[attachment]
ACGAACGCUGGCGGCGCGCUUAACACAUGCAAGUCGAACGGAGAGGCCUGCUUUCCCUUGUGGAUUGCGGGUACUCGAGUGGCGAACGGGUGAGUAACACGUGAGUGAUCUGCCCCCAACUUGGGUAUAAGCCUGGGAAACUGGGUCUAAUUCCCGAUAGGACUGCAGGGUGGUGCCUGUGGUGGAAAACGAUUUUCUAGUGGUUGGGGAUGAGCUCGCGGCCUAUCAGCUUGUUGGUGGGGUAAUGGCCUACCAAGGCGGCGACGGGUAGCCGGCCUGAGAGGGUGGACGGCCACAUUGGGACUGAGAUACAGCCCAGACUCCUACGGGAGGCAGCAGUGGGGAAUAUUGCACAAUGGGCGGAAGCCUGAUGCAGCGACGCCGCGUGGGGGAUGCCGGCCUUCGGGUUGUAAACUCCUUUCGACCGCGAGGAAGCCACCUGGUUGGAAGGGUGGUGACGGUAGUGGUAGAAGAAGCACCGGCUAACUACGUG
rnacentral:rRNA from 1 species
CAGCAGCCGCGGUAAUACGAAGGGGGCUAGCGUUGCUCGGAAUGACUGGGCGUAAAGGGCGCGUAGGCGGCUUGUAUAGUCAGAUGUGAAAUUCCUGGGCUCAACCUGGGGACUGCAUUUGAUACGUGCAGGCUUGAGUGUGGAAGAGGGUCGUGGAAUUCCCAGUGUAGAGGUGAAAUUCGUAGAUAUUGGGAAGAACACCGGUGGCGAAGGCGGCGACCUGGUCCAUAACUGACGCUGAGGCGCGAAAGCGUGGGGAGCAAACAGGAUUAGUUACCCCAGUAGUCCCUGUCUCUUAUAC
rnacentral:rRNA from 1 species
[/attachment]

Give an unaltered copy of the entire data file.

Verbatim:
ACGAACGCUGGCGGCGCGCUUAACACAUGCAAGUCGAACGGAGAGGCCUGCUUUCCCUUGUGGAUUGCGGGUACUCGAGUGGCGAACGGGUGAGUAACACGUGAGUGAUCUGCCCCCAACUUGGGUAUAAGCCUGGGAAACUGGGUCUAAUUCCCGAUAGGACUGCAGGGUGGUGCCUGUGGUGGAAAACGAUUUUCUAGUGGUUGGGGAUGAGCUCGCGGCCUAUCAGCUUGUUGGUGGGGUAAUGGCCUACCAAGGCGGCGACGGGUAGCCGGCCUGAGAGGGUGGACGGCCACAUUGGGACUGAGAUACAGCCCAGACUCCUACGGGAGGCAGCAGUGGGGAAUAUUGCACAAUGGGCGGAAGCCUGAUGCAGCGACGCCGCGUGGGGGAUGCCGGCCUUCGGGUUGUAAACUCCUUUCGACCGCGAGGAAGCCACCUGGUUGGAAGGGUGGUGACGGUAGUGGUAGAAGAAGCACCGGCUAACUACGUG
rnacentral:rRNA from 1 species
CAGCAGCCGCGGUAAUACGAAGGGGGCUAGCGUUGCUCGGAAUGACUGGGCGUAAAGGGCGCGUAGGCGGCUUGUAUAGUCAGAUGUGAAAUUCCUGGGCUCAACCUGGGGACUGCAUUUGAUACGUGCAGGCUUGAGUGUGGAAGAGGGUCGUGGAAUUCCCAGUGUAGAGGUGAAAUUCGUAGAUAUUGGGAAGAACACCGGUGGCGAAGGCGGCGACCUGGUCCAUAACUGACGCUGAGGCGCGAAAGCGUGGGGAGCAAACAGGAUUAGUUACCCCAGUAGUCCCUGUCUCUUAUAC
rnacentral:rRNA from 1 species